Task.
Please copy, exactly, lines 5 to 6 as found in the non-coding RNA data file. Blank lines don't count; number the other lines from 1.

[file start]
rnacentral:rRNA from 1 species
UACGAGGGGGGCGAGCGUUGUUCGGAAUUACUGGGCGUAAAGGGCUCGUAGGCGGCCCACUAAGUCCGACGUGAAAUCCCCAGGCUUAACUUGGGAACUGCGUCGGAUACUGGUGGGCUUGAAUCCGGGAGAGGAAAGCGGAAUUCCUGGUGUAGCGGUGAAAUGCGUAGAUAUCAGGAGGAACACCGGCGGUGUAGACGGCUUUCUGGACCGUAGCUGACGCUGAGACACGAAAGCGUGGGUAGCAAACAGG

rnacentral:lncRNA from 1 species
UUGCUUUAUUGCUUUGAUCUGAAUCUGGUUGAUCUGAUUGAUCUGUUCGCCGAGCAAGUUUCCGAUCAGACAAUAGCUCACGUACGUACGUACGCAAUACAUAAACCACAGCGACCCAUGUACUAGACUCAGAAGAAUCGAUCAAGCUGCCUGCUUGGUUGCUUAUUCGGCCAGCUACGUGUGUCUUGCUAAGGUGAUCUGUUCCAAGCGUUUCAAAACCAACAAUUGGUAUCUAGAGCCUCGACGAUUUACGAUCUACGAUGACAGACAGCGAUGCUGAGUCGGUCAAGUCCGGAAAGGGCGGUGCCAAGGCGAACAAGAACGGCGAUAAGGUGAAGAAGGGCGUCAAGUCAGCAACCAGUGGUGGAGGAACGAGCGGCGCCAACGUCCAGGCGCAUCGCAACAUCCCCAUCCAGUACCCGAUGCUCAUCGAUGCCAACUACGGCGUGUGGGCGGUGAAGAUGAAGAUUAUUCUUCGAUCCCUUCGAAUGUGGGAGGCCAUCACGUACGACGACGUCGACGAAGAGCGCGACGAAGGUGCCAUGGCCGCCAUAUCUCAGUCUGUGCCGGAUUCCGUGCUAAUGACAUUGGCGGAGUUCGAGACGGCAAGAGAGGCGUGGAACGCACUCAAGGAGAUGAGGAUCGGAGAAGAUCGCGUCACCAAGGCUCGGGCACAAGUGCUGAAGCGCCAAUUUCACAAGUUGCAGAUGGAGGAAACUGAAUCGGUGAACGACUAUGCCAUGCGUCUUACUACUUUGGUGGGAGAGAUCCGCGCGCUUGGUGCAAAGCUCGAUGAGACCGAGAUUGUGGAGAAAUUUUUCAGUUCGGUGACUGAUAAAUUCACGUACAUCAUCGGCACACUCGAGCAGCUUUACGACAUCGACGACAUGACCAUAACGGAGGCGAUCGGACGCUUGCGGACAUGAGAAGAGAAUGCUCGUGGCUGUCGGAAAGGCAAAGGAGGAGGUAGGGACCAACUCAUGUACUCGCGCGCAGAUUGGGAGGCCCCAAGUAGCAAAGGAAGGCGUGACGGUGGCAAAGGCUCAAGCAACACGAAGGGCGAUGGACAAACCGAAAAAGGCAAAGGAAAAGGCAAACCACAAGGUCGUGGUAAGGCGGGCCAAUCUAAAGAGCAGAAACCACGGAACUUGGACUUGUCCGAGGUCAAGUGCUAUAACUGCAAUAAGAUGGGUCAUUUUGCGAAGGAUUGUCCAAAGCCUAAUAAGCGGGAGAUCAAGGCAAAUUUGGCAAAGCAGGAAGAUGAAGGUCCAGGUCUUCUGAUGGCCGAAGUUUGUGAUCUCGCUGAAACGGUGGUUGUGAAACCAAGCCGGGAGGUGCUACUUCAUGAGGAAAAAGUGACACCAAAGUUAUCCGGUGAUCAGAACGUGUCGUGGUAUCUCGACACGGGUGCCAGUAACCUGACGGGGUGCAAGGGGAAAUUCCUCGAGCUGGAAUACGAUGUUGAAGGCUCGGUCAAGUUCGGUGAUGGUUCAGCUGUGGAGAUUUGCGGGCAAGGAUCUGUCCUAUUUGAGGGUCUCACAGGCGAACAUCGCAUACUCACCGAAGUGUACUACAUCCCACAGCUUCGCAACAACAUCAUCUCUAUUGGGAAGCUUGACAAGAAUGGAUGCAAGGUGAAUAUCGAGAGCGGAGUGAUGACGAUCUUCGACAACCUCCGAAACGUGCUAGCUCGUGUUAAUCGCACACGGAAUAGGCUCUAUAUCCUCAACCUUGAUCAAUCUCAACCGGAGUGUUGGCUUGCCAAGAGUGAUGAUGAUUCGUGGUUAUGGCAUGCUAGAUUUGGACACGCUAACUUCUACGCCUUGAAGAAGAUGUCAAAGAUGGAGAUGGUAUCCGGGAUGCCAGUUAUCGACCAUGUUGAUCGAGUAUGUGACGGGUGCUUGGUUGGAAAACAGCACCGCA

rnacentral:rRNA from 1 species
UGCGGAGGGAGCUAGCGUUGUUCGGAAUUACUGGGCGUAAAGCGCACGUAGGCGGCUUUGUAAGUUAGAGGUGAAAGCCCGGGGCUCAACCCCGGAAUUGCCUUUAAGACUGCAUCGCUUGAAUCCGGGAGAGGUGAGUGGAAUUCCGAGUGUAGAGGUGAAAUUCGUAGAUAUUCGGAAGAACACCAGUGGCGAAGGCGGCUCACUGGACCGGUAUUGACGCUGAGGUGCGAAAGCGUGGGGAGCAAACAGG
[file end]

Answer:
rnacentral:rRNA from 1 species
UGCGGAGGGAGCUAGCGUUGUUCGGAAUUACUGGGCGUAAAGCGCACGUAGGCGGCUUUGUAAGUUAGAGGUGAAAGCCCGGGGCUCAACCCCGGAAUUGCCUUUAAGACUGCAUCGCUUGAAUCCGGGAGAGGUGAGUGGAAUUCCGAGUGUAGAGGUGAAAUUCGUAGAUAUUCGGAAGAACACCAGUGGCGAAGGCGGCUCACUGGACCGGUAUUGACGCUGAGGUGCGAAAGCGUGGGGAGCAAACAGG